Weekly Update - 3/15/2019
We are in the first full week back from transmittal break. Several bills that we are tracking received second hearings.
Bills we support:
HB 21: This bill would create a Missing Person specialist, based in the state Dept. of Justice, who would work closely with local, tribal, state, and federal law enforcement authorities on missing person cases. The specialist will fill a current gap in our Dept. of Justice and provide the needed support for the current crisis of murder and missing women and children within Indigenous communities in our state. HB 21 received its second hearing this week in Senate Judiciary and is awaiting a vote from committee members.
HB 54: This bill would create a standard for all law enforcement to accept a missing person report, which is often stalled when there is confusion regarding jurisdiction. This bill was tabled in committee last week, but on Thursday received enough votes to move onto the Senate floor!
HB 155: This bill would repeal the statewide ban on switchblade knives and clean up our criminal code. This bill was voted unanimously out of committee this week!
SB 30: This bill would expand Medicaid coverage to include behavioral health peer support services, which are a vital way to support people who are recovering from substance use disorders or other behavioral health issues. Increasing access to these services and making it Medicaid reimbursable will improve outcomes for people who are in our probation and parole system. SB 30 received its second hearing in House Human Services and is awaiting a vote from committee members.
SB 168: This bill would eliminate questions on job applications seeking to collect information on an individual’s past criminal record, which would combat bias that formerly incarcerated face in the initial stages of the job application process. This bill received its second hearing in House State Admin and is awaiting a vote from committee members.
HB 425: This bill would lift the sunset on Medicaid Expansion, which is set to expire on July 1, 2019. Medicaid expansion provides crucial coverage for substance use treatment and mental healthcare for low-income Montanans and those returning to their communities’ post-incarceration. Having access to treatment and healthcare reduces recidivism rates for individuals on probation and parole. This bill would allow Medicaid expansion to continue, a program that currently provides healthcare to 1 in 10 Montanans.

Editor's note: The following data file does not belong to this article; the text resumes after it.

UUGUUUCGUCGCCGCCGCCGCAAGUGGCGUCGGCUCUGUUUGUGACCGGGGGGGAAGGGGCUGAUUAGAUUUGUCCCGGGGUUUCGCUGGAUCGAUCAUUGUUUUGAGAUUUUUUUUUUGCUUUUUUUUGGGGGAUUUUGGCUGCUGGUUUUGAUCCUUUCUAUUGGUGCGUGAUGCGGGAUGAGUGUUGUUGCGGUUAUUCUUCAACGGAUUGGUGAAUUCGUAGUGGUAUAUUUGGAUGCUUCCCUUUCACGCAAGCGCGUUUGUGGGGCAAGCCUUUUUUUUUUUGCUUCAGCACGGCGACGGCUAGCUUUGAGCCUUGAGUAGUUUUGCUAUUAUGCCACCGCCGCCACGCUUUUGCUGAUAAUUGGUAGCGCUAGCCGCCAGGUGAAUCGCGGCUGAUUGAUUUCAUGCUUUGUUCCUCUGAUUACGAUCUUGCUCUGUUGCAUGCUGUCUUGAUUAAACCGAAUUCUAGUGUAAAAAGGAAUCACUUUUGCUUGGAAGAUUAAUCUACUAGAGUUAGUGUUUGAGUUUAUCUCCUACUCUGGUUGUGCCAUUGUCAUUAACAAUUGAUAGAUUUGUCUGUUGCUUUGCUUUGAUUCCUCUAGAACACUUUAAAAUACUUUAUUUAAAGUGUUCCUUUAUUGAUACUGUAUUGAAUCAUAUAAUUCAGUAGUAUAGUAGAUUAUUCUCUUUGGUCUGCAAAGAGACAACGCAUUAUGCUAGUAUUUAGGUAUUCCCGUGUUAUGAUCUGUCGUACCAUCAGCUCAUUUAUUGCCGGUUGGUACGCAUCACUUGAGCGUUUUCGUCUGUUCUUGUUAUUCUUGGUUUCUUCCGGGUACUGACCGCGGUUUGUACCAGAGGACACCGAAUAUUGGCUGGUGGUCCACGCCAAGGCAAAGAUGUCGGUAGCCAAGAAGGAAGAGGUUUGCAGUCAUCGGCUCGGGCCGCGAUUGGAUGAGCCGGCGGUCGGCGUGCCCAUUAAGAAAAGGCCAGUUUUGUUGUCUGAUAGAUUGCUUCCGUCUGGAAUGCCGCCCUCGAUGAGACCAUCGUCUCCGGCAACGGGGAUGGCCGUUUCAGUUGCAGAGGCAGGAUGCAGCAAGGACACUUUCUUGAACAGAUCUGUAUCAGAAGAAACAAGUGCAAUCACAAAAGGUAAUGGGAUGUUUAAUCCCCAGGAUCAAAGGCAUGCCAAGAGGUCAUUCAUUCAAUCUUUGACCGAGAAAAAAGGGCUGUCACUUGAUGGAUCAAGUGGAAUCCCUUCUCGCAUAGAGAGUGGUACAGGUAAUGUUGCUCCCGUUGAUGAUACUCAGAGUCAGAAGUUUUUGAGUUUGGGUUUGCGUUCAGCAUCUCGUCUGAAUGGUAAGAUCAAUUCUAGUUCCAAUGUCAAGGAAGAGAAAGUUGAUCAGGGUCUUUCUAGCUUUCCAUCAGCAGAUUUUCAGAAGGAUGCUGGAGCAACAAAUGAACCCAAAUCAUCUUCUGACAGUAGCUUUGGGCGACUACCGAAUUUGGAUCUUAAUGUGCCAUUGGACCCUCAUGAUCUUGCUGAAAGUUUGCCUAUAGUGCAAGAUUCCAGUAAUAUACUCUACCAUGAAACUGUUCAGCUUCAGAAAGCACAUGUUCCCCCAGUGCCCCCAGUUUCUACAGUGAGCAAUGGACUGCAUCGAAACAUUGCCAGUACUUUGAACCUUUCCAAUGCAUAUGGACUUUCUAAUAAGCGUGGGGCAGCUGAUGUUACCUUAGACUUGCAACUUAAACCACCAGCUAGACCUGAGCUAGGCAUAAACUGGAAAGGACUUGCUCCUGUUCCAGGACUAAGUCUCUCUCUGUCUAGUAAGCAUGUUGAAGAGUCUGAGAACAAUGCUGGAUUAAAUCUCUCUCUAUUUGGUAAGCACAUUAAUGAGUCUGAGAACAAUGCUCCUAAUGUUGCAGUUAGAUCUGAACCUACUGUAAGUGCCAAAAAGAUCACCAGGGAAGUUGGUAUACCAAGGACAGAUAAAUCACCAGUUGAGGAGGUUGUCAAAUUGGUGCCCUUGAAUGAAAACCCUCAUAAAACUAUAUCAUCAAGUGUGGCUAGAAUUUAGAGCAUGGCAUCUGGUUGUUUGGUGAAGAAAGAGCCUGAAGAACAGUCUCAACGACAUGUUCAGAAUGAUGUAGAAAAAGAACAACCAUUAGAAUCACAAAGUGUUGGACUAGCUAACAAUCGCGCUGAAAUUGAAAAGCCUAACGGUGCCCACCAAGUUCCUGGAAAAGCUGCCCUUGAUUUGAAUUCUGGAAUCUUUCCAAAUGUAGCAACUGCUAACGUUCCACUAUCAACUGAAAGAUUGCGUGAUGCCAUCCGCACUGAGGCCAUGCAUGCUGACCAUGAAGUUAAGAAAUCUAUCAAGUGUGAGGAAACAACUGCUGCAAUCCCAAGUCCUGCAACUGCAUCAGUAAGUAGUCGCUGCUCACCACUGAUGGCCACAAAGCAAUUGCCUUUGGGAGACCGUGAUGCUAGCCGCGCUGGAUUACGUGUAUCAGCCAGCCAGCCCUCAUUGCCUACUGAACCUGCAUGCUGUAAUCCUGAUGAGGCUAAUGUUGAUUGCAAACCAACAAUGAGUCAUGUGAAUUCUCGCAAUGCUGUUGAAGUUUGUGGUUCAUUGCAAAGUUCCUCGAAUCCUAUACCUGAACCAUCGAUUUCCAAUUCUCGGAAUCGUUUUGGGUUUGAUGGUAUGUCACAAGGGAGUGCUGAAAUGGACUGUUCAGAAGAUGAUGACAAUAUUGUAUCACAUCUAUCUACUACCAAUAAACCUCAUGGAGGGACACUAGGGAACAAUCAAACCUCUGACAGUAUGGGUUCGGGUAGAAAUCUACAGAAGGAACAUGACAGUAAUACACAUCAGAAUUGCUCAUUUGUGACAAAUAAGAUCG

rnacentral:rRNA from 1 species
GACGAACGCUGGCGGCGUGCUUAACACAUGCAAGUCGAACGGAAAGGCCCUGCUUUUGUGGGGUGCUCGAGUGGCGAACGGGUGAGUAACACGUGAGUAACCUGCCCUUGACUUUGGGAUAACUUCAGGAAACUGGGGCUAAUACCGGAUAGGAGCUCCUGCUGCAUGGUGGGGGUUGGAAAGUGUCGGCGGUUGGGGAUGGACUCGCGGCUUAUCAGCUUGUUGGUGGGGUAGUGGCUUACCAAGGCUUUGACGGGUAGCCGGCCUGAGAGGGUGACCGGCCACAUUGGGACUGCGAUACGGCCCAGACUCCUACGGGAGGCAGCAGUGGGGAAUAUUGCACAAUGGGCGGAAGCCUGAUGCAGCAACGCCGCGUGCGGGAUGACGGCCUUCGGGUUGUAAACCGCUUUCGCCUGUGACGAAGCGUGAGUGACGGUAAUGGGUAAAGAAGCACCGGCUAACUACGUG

Bills we oppose:
HB 534: This bill would significantly increase penalties for 5th and subsequent DUI. Increasing penalties will not deter crime and instead potentially increase the criminalization of people with serious addiction issues. The more than 2.7 million dollar fiscal impact of this proposed legislation is not a responsible use of Montana’s budget and should be used for more addiction treatment services in Montana. This bill received its first hearing in House Judiciary committee.
HB 238: This bill would expand the punishment for those who are convicted of false reporting of a crime, creating a penalty for those who falsely report a felony to be charge with a felony and serve up to 10 years in prison. This bill proposes a disproportionate punishment for those who mistakenly or intentionally misreport a crime. This bill conflates violent crimes with the false reporting of those crimes and those two things are simply not the same. HB 238 received its second hearing this week in Senate Judiciary and is awaiting a vote by the committee.
HB 500: This bill, named the Montana Pain-Capable Unborn Child Protection Act, is an unconstitutional ban of abortions after 20 weeks and seeks to establish a legal framework that could ban abortions of any kind in Montana. This bill is an attack on a person’s rightful access to an abortion.
HB 658: This bill seeks to extend Medicaid Expansion with work requirements and other restrictions, which would result in tens of thousands losing healthcare coverage. This bill would significantly impact those on probation and parole who benefit from substance use and mental healthcare and who need these services to successfully reintegrate into their community. HB 658 received its first hearing in House Human Services.